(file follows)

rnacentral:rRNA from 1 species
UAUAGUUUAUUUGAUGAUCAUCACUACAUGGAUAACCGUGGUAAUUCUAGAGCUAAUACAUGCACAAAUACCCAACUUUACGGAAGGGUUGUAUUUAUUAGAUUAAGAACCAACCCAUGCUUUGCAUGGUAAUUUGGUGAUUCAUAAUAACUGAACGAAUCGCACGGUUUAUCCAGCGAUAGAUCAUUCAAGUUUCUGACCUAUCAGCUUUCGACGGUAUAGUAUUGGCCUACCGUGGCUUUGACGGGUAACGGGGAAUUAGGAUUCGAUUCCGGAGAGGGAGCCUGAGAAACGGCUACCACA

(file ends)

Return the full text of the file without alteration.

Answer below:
rnacentral:rRNA from 1 species
UAUAGUUUAUUUGAUGAUCAUCACUACAUGGAUAACCGUGGUAAUUCUAGAGCUAAUACAUGCACAAAUACCCAACUUUACGGAAGGGUUGUAUUUAUUAGAUUAAGAACCAACCCAUGCUUUGCAUGGUAAUUUGGUGAUUCAUAAUAACUGAACGAAUCGCACGGUUUAUCCAGCGAUAGAUCAUUCAAGUUUCUGACCUAUCAGCUUUCGACGGUAUAGUAUUGGCCUACCGUGGCUUUGACGGGUAACGGGGAAUUAGGAUUCGAUUCCGGAGAGGGAGCCUGAGAAACGGCUACCACA